Second, the corporation shall announce the modalities for the payment of the compensation for insured deposits by a publication on corporation's website, in at least 2 daily newspapers and on TV and Radio.
An insured depositor may personally submit a claim for compensation to the corporation and collect the compensation payable but where the insured depositor is unable to claim the compensation due him or her within the 30 day period after the announcement of the modalities of payment, the insured depositor still have within 5 yrs to submit claims. Within these periods if the insured depositor fails to submit claims then he or she has forfeited the right to that claim to the Corporation.
Q: How can I get deposit protection?
A: Depositors do not need to apply for GDPC insurance. Coverage is automatic whenever a deposit account is opened at a GDPC-insured bank or specialized deposit-taking institutions. If you want your funds insured by the GDPC, simply make sure you are placing your funds in a deposit account at a GDPC-insured bank or specialized deposit-taking institutions and that your deposit does not exceed the coverage limit.
Hence, I advise that you diversify your money into different banks especially when your deposit is more than the coverage limit.
Q: How do I find out if a bank is GDPC-insured?
A: To determine if a bank or specialized deposit-taking institutions is GDPC-insured, you can ask a bank representative, look for the GDPC membership certificate at your bank, check out the GDPC publications on insured banks.
I strongly advise Phone Apps and USSD should be developed by the Corporation to enable us to quickly check and confirm banks or specialized deposit-taking institutions who have been insured. In the USA, you can use the FDIC's BankFind tool. The BankFind allows you to access detailed information about all FDIC-insured institutions, including branch locations, the bank's official website address, the current operating status of your bank, and the regulator to contact for additional information and assistance.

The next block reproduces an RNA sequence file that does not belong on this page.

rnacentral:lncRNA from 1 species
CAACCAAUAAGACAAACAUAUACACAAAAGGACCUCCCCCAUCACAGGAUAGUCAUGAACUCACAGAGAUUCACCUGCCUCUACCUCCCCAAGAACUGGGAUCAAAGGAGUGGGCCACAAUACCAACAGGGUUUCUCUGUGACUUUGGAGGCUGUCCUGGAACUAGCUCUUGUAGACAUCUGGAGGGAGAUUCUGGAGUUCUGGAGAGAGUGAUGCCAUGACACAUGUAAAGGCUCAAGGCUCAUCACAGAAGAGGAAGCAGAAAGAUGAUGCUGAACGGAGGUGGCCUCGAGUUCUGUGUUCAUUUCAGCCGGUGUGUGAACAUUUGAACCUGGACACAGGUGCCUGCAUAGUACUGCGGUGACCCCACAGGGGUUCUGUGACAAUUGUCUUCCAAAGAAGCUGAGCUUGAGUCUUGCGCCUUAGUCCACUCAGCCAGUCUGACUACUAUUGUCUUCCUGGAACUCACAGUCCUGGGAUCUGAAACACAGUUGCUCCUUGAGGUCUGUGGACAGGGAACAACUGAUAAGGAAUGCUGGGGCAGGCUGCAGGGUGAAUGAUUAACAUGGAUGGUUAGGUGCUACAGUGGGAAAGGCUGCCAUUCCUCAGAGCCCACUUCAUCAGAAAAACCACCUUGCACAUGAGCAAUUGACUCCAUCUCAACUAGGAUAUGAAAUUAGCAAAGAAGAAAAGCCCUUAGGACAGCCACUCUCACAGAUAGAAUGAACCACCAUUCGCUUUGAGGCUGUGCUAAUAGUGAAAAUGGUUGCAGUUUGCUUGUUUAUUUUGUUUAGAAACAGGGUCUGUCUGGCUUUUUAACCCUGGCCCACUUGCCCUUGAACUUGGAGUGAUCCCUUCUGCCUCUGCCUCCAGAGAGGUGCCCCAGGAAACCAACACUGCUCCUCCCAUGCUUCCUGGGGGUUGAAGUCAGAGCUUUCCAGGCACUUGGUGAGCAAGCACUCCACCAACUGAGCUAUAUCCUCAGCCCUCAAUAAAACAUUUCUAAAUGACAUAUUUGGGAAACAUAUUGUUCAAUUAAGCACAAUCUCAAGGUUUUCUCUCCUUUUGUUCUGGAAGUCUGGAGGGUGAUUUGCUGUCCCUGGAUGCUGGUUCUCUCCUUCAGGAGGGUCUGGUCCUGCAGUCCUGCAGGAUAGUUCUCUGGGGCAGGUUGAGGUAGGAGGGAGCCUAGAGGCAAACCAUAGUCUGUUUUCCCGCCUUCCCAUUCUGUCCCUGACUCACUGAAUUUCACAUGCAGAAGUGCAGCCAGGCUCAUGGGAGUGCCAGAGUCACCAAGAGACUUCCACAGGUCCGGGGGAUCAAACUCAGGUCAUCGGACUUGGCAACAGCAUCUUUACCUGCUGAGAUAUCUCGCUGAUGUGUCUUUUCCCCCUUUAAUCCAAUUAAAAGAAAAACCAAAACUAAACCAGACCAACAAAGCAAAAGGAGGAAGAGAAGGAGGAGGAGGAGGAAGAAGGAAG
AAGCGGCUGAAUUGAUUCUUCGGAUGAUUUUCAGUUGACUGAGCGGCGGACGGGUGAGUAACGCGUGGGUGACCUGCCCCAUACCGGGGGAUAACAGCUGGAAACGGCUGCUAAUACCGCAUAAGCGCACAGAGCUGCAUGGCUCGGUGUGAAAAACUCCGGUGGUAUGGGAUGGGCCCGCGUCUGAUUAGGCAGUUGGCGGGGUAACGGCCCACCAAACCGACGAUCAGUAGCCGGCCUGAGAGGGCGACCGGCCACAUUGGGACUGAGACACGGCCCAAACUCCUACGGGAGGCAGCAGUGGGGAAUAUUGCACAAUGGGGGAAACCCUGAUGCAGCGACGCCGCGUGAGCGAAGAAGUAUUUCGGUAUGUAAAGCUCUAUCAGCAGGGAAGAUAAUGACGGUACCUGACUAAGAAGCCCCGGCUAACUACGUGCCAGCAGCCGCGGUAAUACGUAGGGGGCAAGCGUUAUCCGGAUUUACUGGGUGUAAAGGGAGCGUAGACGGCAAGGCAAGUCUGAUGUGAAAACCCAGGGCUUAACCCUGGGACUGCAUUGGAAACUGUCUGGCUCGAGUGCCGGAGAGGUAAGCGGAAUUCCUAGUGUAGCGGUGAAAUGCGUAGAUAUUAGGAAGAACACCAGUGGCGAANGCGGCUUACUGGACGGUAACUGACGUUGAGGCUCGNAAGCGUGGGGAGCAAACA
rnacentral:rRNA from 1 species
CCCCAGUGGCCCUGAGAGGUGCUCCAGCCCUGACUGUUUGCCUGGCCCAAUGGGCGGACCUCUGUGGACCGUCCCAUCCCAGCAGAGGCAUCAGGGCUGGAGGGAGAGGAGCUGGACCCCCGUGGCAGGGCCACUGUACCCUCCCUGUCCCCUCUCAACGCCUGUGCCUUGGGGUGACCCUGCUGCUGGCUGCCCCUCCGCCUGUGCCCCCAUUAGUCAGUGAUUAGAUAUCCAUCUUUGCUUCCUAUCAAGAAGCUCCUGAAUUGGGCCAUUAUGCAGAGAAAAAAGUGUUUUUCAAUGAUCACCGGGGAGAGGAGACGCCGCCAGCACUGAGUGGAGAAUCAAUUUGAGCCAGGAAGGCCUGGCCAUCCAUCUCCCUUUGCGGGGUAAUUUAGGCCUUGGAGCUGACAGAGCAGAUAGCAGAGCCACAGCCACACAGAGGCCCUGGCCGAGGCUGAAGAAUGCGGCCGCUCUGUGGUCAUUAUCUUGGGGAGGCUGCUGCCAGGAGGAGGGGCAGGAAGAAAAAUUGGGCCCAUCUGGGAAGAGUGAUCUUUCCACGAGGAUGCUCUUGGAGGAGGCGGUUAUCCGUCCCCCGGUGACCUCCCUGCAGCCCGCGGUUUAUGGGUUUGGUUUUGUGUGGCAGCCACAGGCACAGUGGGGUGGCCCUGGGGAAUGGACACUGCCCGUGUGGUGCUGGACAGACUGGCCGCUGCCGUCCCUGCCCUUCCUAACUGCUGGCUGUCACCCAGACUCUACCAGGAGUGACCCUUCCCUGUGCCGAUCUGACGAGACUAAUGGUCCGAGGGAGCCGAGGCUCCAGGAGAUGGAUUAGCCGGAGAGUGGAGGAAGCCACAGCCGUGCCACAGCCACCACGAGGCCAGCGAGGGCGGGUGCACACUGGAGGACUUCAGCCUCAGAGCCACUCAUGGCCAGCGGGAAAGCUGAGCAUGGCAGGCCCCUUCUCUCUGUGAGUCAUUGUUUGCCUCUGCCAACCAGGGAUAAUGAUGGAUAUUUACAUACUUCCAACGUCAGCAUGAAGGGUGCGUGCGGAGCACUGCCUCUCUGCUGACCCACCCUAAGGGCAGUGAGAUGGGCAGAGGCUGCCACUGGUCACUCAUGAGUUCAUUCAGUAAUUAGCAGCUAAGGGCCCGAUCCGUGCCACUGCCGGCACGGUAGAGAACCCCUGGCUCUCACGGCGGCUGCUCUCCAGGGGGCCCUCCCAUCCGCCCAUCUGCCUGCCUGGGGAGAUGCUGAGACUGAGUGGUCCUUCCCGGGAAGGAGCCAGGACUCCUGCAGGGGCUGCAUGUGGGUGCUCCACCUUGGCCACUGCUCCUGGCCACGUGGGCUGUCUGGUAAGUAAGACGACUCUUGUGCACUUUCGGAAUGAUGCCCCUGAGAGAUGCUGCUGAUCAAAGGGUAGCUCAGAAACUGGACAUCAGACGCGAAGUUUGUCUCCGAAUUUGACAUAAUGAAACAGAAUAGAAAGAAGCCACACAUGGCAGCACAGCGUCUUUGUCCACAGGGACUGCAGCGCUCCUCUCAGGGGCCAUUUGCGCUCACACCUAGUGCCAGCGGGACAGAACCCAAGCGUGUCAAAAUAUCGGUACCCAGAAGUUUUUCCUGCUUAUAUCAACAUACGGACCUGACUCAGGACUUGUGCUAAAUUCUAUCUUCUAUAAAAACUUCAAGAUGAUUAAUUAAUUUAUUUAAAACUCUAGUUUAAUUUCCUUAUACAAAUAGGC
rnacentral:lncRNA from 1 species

Q: Is every financial product at a bank covered by the GDPC?
A: No, GDPC deposit insurance coverage depends on whether your chosen financial product is a deposit product. The GDPC covers the traditional types of bank deposit accounts – including checking and savings accounts. Investment products that are not deposited, such as mutual funds, annuities, life insurance policies are not covered by GDPC deposit insurance.
For a more comprehensive list of financial products that are insured by the GDPC and financial products that are not insured by the FDIC, visit Bank of Ghana website and download the GDP Act 931. (https://www.bog.gov.gh/whars-new/3373-ghana-deposit-protection-corporation)
Q: How much does a financial institution need to pay as an initial premium as a certified member of the Protection scheme?
A: Banks and specialized deposit-taking institutions are required to pay 0.1% of the required minimum paid-up capital as an initial one-off premium. For Example, A bank whose current minimum paid-up capital is GHc 400 Million, will have to pay GHc 400,000 as his initial insurance premium.
This will surely increase the cost of the bank and if care is not taken, Banks may design strategies to transfer such cost to depositors unknowingly or knowingly.
Justice Offei Jr
Consultant/ Award Winning Entrepreneur/ Columnist
Tel: +233 245719992